5 Things You Should Know About Your Feet
Posted by Mitch Mitchell on Jun 9, 2012
Yes, I truly do just share about almost anything on this blog. 🙂 In today’s lesson, I want to talk about feet, your feet specifically but using my feet as an example. If you remember, a month ago I did both a post and video on lying about your health. Well, one of those things we tend to lie about is our feet.
We need our feet if we hope to continue getting around. Sure, sometimes it’s our legs bothering us, but sometimes leg problems are caused by your feet; I’ll get into that one a bit more. So, let’s get started.
1. Always buy shoes at least 1/2 in bigger than what your foot is. For 35 years I’ve bought 11 1/2 because that’s my foot size. Turns out that it’s recommended to always go at least 1/2 foot size bigger to give your toes room to move. Usually it’s the outer toe where, if you’re going to start developing any issues, you’ll feel it. Even your big toe in some shoe sizes won’t be happy unless you give it more space.
2. As you age, you need more support in your arch area in your shoes. Regular shoes seem to be fine, but when it comes to sneakers many of today’s designs are built with more cushioning in them than support for the arch area, which can lead to issues, especially if you have flat feet or problems with your gait. Turns out I have both, as I’d forgotten I had flat feet and my right leg is 1/2 inch longer than my left. The picture of the sneaker you see above is a Brooks Adrenaline and it’s what he recommended, though I have to admit I’d never heard of Brooks before then. But the brand name isn’t as important as making sure your arch is supported.
3. Most cushioning you buy aside from what comes in the shoes isn’t helping you at all. Podiatrists seem to get most animated when they see you’ve popped down $20 bucks for shoe cushions. They say it’s a false crutch of comfort we’ve been conditioned to enjoy that doesn’t work for 99% of the people that buy them. I’ve always purchased extra cushion, even trying that “jelling” insole once, because I thought my feet needed it. What he recommended is that unless it’s a cheap shoe, which he said never to buy, use what comes in the shoe because it was specifically tested to offer both the maximum comfort and protection for your feet. It’s that thing about having your shoes be a little looser so blood flow can occur.
4. Treat your heels well. Adding to #3, it seems that we all concentrate more on the front of our feet when we should be treating our heels better. When we start noticing that our heels might be getting more crusty and such, that’s when we have to worry about neuropathy, which is when you stop having feeling in certain parts of your body. Actually, it turns out it’s way more than that; you could be causing damage without numbness, and it can start affecting other parts of your body such as your legs, your back, even your neck.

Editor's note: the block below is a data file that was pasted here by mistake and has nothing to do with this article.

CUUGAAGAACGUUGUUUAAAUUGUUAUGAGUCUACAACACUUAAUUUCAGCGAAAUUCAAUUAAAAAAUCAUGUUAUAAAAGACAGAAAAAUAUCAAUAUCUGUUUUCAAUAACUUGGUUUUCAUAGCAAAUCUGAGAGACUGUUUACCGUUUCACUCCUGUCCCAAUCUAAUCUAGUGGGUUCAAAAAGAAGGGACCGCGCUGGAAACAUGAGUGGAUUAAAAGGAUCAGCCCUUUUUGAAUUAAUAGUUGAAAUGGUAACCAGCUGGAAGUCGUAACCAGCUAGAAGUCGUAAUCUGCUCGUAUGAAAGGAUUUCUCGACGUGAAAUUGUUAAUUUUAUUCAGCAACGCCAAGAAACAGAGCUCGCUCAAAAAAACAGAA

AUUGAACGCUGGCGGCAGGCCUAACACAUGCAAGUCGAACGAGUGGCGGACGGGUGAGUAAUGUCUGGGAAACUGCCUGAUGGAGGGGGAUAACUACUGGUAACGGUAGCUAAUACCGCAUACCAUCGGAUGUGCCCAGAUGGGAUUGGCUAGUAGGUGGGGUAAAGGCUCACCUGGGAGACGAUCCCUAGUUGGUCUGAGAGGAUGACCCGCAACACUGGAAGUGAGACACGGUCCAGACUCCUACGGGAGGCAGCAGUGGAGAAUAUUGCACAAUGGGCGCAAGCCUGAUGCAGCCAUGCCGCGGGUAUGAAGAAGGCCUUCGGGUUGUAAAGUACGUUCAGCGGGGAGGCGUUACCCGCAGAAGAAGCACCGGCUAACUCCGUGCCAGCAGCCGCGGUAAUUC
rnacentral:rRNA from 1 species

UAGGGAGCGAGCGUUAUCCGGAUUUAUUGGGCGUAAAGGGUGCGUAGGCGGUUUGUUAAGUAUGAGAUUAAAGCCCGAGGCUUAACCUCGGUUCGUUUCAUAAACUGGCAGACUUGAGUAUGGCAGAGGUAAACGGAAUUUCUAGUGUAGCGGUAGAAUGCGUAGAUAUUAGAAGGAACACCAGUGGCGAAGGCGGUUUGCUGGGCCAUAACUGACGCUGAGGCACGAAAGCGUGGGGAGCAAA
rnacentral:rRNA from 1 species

They did an interesting test on my feet, a sensitivity test. It started out with one prong on different locations of both feet. I did very well on that one. Then you had to feel two prongs on different areas of the feet; that one I had a lot of trouble with. I was diagnosed as having minor neuropathy, especially in my heels, but luckily he said it wasn’t diabetes related based on the first part of the test and said it’s probably because of insufficient footwear over the years. So we’ll be monitoring it over the next few years, but at least now I know.
5. It’s imperative that you cut your toenails. I have a wife that’s always on me about cutting my nails and now she’s got physician support on it. Based on our footwear, longer nails can cause us discomfort, if not pain, and thus we inadvertently start curling our toes, which then alters how we walk. Once we artificially start changing how we normally walk, that’s when problems start to occur.
I’m adding one last thing, but not changing the number above because I’m superstitious on some things and I’m not crazy about some even numbers; something else new that you now know about me. lol Anyway, the last thing is to look at your feet at least once a month to see if anything looks odd. Most of the time you won’t notice anything different, but we did notice I have this “thing” near the right big toe that he’s not worried about, but it’s there, and that I injured my right big toe back in November, which I knew because I’d seen the blood blister, but have no idea how I did it. It’s slowly going away, but if there had been something like that elsewhere it could have meant something bad. Also, as a kid I used to sometimes develop holes in my feet, which turned out to be blisters that grew inward; freaky, but after finally noticing and bringing it to a doctor’s attention we made some changes that stopped that from happening.
There you are; nothing about social media or the internet today, but something I think is equally as important. Enjoy your Saturday!